The question of sustainability has become an important economic, political, and social issue. Major international conferences have been held to discuss the issue of global sustainability. A President’s Council on Sustainable Development was formed to address sustainability questions confronting the United States. After nearly a decade of indecision, the U.S. Department of Agriculture has officially embraced sustainable agriculture as a priority issue for the future. Questions of sustainability has also become commonplace both in professional publications and in the popular media.

The Issue of Sustainability

Sustainability is a long run, people-centered concept. There have been many attempts to define sustainability, but most are rooted in the general concept of intergenerational equity. Sustainable development, as used in this paper, means meeting the needs and wants of people of the current generation while leaving equal or better opportunities for people of generations to follow. What is to be sustained? — development of resources: natural, human, and economic. What is the purpose of development? — positive change or human progress, not necessarily growth in numbers or size. Who is to benefit from such development? — people of the current generation and of generations to follow. For how many generations is development to be sustained? — for all future generations, forever. Thus, sustainability is about sustaining a desirable quality of life for people, forever.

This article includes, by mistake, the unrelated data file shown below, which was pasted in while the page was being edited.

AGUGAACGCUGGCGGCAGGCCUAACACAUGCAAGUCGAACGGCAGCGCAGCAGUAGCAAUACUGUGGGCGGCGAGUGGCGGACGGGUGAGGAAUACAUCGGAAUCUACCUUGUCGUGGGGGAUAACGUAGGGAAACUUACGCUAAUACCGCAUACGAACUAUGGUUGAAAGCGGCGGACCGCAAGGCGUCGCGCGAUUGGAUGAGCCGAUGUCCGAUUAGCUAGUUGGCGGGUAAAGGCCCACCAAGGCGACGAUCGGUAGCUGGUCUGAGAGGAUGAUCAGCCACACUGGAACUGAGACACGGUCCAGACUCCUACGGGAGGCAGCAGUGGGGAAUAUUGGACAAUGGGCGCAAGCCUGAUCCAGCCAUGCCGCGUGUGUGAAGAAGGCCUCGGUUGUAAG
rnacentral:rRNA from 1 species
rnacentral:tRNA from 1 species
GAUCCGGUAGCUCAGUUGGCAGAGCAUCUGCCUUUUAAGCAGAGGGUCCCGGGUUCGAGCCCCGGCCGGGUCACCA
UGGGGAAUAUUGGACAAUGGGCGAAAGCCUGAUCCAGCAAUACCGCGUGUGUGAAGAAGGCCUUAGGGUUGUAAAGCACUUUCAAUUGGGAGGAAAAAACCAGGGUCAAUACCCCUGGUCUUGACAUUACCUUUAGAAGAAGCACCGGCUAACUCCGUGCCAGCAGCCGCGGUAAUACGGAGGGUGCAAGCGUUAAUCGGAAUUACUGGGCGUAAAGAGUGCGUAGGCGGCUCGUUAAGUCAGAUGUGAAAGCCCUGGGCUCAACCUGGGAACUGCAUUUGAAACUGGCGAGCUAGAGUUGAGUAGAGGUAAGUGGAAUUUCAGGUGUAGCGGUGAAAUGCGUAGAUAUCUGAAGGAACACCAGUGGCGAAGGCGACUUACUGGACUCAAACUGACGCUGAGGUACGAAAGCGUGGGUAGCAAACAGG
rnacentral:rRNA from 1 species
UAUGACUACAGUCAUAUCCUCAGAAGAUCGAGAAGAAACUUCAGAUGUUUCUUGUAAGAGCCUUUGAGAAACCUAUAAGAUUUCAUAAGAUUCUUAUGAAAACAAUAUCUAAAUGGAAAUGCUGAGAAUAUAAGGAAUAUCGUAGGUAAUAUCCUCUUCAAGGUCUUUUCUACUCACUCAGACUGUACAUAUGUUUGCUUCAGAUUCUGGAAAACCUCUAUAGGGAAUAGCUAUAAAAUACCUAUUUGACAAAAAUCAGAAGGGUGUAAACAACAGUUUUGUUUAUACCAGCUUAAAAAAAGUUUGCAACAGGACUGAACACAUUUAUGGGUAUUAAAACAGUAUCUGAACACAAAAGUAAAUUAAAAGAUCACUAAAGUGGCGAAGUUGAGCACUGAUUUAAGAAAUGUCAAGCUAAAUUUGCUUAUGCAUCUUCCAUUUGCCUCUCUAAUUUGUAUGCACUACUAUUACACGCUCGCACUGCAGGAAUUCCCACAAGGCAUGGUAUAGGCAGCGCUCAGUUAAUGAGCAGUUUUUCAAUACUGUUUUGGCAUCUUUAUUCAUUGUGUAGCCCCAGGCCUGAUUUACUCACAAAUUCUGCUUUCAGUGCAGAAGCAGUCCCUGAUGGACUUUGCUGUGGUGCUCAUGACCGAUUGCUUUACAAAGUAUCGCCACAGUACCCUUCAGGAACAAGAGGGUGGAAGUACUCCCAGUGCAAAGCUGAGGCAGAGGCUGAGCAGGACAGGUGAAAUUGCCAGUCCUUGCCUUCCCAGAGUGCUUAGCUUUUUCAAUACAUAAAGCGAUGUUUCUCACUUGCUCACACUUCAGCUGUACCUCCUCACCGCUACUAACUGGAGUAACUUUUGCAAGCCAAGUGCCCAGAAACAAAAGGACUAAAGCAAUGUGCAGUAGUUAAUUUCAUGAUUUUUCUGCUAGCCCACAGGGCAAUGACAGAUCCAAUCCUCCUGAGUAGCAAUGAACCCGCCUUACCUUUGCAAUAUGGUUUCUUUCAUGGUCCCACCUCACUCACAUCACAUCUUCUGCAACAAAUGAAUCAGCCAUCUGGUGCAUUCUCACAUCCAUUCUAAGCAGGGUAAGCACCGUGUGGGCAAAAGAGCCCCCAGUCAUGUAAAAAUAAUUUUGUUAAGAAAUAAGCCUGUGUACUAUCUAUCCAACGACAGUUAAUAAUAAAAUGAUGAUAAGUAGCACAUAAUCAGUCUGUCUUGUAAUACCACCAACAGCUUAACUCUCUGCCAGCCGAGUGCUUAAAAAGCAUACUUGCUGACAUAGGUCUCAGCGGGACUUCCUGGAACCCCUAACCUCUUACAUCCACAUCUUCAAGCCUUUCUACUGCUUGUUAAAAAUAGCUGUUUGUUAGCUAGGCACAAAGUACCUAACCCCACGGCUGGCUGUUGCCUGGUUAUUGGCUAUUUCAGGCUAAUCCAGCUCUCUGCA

Sustainability, as a consequence of its long-run nature, will remain a question with no definite answer, a direction without a precise destination, a process without a final product. We can never know with certainty whether any particular approach, method, or activity is sustainable or not sustainable. Just because something has been sustained until now, does not mean it can be sustained forever. Just because something has not been sustained up to now, does not mean that it could not have been sustained, until now and into the future. We cannot prove empirically that anything is or is not sustainable in the long run. The long run is forever

Inadequacies of the “old” economics

Economic theory does not exist in the absence of the term “ceteris paribus” — other things held constant. The most fundamental “law” of economics, diminishing marginal returns, is meaningless without the assumption of “ceteris paribus.

Economics of Sustainability

So where do we begin to develop the “new” economics?

Axioms. All theory is based on axioms. Webster defines an axiom as “a maxim widely accepted on its intrinsic merit, or a statement accepted as true as the basis for argument or inference”

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One thought on “Toward an Economics of Sustainability John E. Ikerd University of Missouri May, 1997

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